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Explainer: Everything You Need To Know About A Partial U.S. Shutdown

  • Heather Maher

The Senate side of the United States Capitol in Washington

The Senate side of the United States Capitol in Washington

WASHINGTON -- Just hours before the October 1 deadline passed for Republican and Democratic lawmakers to approve continued funding for U.S. government operations, U.S. President Barack Obama warned that a government shutdown and a looming fight over the government’s borrowing limit threatened the world economy.

"We are the foundation of the world economy and the world financial system," Obama said on September 30, hours ahead of a midnight deadline for a bill to continue funding government operations. "Our currency is the reserve currency of the world. We don't mess with that. And we certainly don't allow domestic policy differences on issues that are unrelated to the budget to endanger not only our economy but the world economy."

Here's a closer look at how we got here.

What's the cause of disagreement?

The Republican majority in the House of Representatives opposes the new Health Care Affordability Act, which takes effect on October 1. Also known as "Obamacare," the 2010 law makes it mandatory for all citizens to have health insurance and establishes low-cost plans to make it easier to participate.

Republicans first tried to stop Obamacare by cutting off its funding; they attached a provision to defund it to what is usually a routine spending bill to continue funding the government.

But the Senate, which is controlled by Obama’s Democratic Party, wouldn’t accept any modifications to the new health-care act. So it rejected the entire spending bill.

Last week, sensing a looming impasse, Republicans modified their request to a one-year delay of Obamacare, plus some additional measures to weaken its effect. They passed that bill over the weekend.

But Senate Democrats still considered it a poison bill and wouldn’t pass it. Without Senate approval by midnight in Washington on September 30-October1, the White House budget office directed federal agencies to start an orderly shutdown.

No passage by the Senate means no funding for the government. Thus the standoff.

Has this ever happened before?

Yes, for 28 days in 1995 and 1996. Then-President Bill Clinton vetoed a spending bill that landed on his desk from the Republican-controlled Congress because he didn’t agree with its funding levels for education, environmental protections, and pensioner health care.

So what happens with a partial government shutdown?

People who work for the federal government will be hardest hit. Around 1.2 million of 2 million government employees will be told to stay home and will stop receiving paychecks.

Workers the government deems essential -- including prison guards, air-traffic controllers, border-patrol officers, and food inspectors -- will be kept on the job but without pay.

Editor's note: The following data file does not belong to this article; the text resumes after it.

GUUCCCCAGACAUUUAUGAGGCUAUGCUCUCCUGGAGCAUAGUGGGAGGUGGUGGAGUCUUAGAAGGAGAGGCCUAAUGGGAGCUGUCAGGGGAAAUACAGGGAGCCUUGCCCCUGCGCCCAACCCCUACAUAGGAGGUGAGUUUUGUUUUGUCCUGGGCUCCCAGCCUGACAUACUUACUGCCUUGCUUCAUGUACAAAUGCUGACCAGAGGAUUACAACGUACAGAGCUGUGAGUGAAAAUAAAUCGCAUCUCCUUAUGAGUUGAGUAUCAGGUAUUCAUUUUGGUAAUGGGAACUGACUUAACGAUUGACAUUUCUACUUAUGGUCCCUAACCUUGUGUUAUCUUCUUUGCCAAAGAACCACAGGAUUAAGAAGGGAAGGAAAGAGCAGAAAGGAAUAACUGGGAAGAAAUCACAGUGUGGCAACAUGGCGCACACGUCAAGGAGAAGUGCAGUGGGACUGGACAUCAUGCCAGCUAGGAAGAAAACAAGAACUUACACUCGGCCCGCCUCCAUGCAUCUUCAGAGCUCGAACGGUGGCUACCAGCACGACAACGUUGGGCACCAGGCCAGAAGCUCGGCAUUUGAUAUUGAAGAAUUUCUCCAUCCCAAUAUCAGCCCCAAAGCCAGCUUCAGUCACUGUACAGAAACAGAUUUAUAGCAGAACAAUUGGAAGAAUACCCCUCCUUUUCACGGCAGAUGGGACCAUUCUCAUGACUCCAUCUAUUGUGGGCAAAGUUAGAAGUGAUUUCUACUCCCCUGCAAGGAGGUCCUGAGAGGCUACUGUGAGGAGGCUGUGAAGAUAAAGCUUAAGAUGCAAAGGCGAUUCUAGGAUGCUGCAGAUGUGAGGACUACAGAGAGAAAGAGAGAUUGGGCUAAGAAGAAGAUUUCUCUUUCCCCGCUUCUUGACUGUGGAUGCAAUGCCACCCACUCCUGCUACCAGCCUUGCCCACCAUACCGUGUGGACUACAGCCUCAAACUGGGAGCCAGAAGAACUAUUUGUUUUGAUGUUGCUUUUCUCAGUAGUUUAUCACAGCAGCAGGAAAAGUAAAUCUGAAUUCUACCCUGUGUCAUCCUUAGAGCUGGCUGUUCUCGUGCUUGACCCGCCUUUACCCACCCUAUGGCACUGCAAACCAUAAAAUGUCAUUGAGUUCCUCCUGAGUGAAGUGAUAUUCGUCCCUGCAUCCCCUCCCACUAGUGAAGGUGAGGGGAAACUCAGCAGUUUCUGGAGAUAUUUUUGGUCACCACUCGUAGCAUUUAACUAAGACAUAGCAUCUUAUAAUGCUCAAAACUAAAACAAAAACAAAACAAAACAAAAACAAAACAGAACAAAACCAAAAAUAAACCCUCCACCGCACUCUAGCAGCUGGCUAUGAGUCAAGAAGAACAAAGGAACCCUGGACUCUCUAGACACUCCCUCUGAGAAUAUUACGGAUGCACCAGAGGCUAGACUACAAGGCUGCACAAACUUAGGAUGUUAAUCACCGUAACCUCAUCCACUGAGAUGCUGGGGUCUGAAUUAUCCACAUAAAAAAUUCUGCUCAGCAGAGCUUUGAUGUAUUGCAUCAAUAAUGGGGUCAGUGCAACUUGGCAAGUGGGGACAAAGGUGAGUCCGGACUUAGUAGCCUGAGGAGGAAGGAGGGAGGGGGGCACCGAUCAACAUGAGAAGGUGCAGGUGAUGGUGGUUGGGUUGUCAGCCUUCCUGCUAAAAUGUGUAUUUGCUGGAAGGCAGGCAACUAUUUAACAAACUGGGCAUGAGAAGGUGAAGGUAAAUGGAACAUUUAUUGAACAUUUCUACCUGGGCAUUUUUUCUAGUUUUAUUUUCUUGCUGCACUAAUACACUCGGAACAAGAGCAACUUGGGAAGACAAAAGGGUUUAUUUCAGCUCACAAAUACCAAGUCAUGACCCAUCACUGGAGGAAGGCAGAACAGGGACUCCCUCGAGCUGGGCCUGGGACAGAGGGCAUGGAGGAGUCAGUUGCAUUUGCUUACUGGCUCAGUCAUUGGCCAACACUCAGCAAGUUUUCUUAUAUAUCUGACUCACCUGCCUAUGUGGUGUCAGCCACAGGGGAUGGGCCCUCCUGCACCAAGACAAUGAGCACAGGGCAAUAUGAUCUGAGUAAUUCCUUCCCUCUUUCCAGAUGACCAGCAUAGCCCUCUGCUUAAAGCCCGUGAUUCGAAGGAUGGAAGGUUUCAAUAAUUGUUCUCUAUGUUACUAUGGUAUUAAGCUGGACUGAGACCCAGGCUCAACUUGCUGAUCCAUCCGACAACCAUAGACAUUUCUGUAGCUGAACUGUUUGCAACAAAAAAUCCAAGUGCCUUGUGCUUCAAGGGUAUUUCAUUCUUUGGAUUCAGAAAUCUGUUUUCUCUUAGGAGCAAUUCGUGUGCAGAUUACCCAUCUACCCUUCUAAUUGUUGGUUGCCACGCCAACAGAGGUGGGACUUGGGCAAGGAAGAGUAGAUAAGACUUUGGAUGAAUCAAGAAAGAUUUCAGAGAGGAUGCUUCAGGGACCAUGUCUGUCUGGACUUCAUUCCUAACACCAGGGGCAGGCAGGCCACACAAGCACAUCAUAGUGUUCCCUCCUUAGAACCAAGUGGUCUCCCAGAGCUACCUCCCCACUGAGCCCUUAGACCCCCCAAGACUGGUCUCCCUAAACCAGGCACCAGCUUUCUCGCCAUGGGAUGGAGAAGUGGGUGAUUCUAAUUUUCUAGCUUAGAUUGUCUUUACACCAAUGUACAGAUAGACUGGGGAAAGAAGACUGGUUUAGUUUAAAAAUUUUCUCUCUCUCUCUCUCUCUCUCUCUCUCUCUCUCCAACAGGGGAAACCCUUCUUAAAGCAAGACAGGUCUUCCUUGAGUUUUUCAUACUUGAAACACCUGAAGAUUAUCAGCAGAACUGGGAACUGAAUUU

In a video message to U.S. troops released as the deadline passed, Obama said he had signed a law to ensure that U.S. soldiers get paid on time. Obama said American operations will continue in Afghanistan and elsewhere.

"Ongoing military operations, like our efforts in Afghanistan, will continue," the president said. "If you're serving in harm's way, we're going to make sure you have what you need to succeed in your missions. Congress has passed, and I'm signing into law, legislation to make sure you get your paychecks on time, and we'll continue working to address any impact this shutdown has on you and your families."

Veterans, people who are disabled, pensioners, and the poor will continue receiving government assistance checks.

With no workers to staff them, national parks will close. Federal agencies like the Environmental Protection Agency (EPA) will shut down. Passport, visa, and immigration services will be delayed.

And in a blow to panda lovers everywhere, the National Zoo's live "PandaCam" is going dark.

Does the political showdown between Republican and Democratic lawmakers have anything to do with the government running out of money on October 17 and that looming fight over raising the borrowing limit?

Somewhat, because many of the same Republican lawmakers who oppose the Affordable Health Care Act oppose raising the government’s $16.7 trillion debt limit for the same reason: They think the government spends too much money.

Some Republicans have already said they plan to attach controversial amendments to the debt-ceiling bill, which would prevent a "clean vote."

If the debt ceiling isn't raised, the U.S. government could struggle to pay its creditors and fund the government.

A U.S. default would be unprecedented. Sliding financial markets are already reflecting the uncertainty, and analysts say if the crisis continues they could react violently and trigger worldwide consequences.